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Tips From a Manufacturer's POV: #1 Choosing The Best Raw Material For Your Project

Updated: Apr 16

This is the first post in the series.

Let's start by saying that we understand that there are clear engineering considerations in choosing a raw material for a machined part. And yet, in cases where there's design flexibility, we will be happy to tell you what our favorite plastic materials are for us as manufacturers.

The materials listed in this post are the "most popular" for us. There are less common materials with which sometimes we work with them, depending on the needs of the client. Over the years there have been significant changes in the supply of materials, their quality, and also in the demands of the customers.


 For convenience, we will divide the materials into three categories (of course, this is our internal division):

1. "The bread and butter"

2. The materials are less sympathetic for machining

3. The exotic materials

and by extension:


1. "The bread and butter"

This group is characterized by:

  • low cost

  • Easy to process (well machined)

  • Available in stock (extremely important since the Covid-19)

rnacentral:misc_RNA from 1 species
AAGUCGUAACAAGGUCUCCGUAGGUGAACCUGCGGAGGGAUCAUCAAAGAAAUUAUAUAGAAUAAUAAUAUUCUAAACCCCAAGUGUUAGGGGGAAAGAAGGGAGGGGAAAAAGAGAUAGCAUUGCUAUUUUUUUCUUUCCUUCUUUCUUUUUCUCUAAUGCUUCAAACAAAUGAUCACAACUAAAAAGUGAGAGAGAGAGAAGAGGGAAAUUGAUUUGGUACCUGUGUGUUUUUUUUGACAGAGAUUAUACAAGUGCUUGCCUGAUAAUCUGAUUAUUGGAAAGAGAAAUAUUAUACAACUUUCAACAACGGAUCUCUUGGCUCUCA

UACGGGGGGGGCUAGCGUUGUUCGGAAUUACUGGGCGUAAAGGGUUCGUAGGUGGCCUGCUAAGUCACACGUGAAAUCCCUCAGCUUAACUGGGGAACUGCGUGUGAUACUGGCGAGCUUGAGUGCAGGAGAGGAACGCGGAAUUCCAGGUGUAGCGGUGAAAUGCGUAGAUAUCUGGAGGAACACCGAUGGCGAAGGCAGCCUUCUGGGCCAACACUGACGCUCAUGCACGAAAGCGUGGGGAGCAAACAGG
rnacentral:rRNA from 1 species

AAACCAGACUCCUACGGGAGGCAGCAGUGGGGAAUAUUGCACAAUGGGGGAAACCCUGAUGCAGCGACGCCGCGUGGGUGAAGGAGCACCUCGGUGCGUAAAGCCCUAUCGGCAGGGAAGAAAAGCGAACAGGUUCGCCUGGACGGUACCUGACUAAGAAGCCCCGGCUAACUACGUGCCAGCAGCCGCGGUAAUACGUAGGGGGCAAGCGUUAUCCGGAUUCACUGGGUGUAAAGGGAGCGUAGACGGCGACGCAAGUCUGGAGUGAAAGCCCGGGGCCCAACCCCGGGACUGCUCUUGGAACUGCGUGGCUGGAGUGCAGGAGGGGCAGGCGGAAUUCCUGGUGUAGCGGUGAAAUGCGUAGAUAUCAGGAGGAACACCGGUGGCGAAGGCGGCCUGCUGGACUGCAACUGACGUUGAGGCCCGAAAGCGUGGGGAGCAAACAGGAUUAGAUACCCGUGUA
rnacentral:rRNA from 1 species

• Natural materials without special classification of food, medical, military standards, etc., and without the addition of fibers of any kind.

There are several materials that are characterized by all of the above parameters. With most suppliers, these raw materials will come in a large number of dimensions and configurations (rods, plates, blocks). As manufacturers, we have the flexibility to buy the dimensions of the raw material that are most convenient for us to manufacture the product, and this flexibility lowers the final price for the customer.

These materials will usually be sold in a price range of up to NIS 100 per kilo (since the covid19 and problems in the global supply chain - the price of some of the materials has doubled and even more), and as I noted, they can be machined relatively easily. What it means? They have a relatively high dimensional stability and the wear of the tools in their processing is not particularly high, which can save thousands of shekels and more in serial batches performed on the same material.